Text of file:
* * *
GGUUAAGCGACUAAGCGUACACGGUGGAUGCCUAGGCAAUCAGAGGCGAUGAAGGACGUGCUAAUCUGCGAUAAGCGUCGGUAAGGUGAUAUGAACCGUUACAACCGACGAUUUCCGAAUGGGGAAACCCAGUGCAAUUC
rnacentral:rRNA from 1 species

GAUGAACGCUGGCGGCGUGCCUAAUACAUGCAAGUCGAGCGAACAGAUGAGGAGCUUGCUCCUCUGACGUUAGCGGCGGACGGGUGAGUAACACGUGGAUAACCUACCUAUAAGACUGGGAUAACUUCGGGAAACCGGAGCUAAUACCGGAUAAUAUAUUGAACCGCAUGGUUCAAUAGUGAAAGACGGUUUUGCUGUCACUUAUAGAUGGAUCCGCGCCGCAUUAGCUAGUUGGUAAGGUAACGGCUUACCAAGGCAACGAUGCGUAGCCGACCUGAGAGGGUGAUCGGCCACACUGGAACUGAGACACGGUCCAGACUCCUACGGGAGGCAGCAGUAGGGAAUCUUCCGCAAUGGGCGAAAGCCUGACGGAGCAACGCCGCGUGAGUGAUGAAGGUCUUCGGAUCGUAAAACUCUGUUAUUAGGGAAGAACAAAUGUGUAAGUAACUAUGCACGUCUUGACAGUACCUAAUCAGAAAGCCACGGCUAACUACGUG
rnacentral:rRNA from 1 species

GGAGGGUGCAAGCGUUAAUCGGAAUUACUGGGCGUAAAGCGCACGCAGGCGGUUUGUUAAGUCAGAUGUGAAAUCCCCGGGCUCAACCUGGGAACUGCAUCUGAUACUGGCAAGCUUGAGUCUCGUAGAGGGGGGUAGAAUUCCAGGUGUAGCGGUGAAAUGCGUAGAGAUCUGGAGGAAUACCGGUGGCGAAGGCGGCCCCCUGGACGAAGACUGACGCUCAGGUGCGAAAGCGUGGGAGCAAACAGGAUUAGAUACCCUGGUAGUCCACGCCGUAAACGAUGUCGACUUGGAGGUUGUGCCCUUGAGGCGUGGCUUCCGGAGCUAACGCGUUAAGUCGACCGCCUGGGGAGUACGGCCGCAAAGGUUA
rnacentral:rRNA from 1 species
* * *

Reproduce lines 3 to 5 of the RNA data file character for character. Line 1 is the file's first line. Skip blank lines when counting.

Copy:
GAUGAACGCUGGCGGCGUGCCUAAUACAUGCAAGUCGAGCGAACAGAUGAGGAGCUUGCUCCUCUGACGUUAGCGGCGGACGGGUGAGUAACACGUGGAUAACCUACCUAUAAGACUGGGAUAACUUCGGGAAACCGGAGCUAAUACCGGAUAAUAUAUUGAACCGCAUGGUUCAAUAGUGAAAGACGGUUUUGCUGUCACUUAUAGAUGGAUCCGCGCCGCAUUAGCUAGUUGGUAAGGUAACGGCUUACCAAGGCAACGAUGCGUAGCCGACCUGAGAGGGUGAUCGGCCACACUGGAACUGAGACACGGUCCAGACUCCUACGGGAGGCAGCAGUAGGGAAUCUUCCGCAAUGGGCGAAAGCCUGACGGAGCAACGCCGCGUGAGUGAUGAAGGUCUUCGGAUCGUAAAACUCUGUUAUUAGGGAAGAACAAAUGUGUAAGUAACUAUGCACGUCUUGACAGUACCUAAUCAGAAAGCCACGGCUAACUACGUG
rnacentral:rRNA from 1 species

GGAGGGUGCAAGCGUUAAUCGGAAUUACUGGGCGUAAAGCGCACGCAGGCGGUUUGUUAAGUCAGAUGUGAAAUCCCCGGGCUCAACCUGGGAACUGCAUCUGAUACUGGCAAGCUUGAGUCUCGUAGAGGGGGGUAGAAUUCCAGGUGUAGCGGUGAAAUGCGUAGAGAUCUGGAGGAAUACCGGUGGCGAAGGCGGCCCCCUGGACGAAGACUGACGCUCAGGUGCGAAAGCGUGGGAGCAAACAGGAUUAGAUACCCUGGUAGUCCACGCCGUAAACGAUGUCGACUUGGAGGUUGUGCCCUUGAGGCGUGGCUUCCGGAGCUAACGCGUUAAGUCGACCGCCUGGGGAGUACGGCCGCAAAGGUUA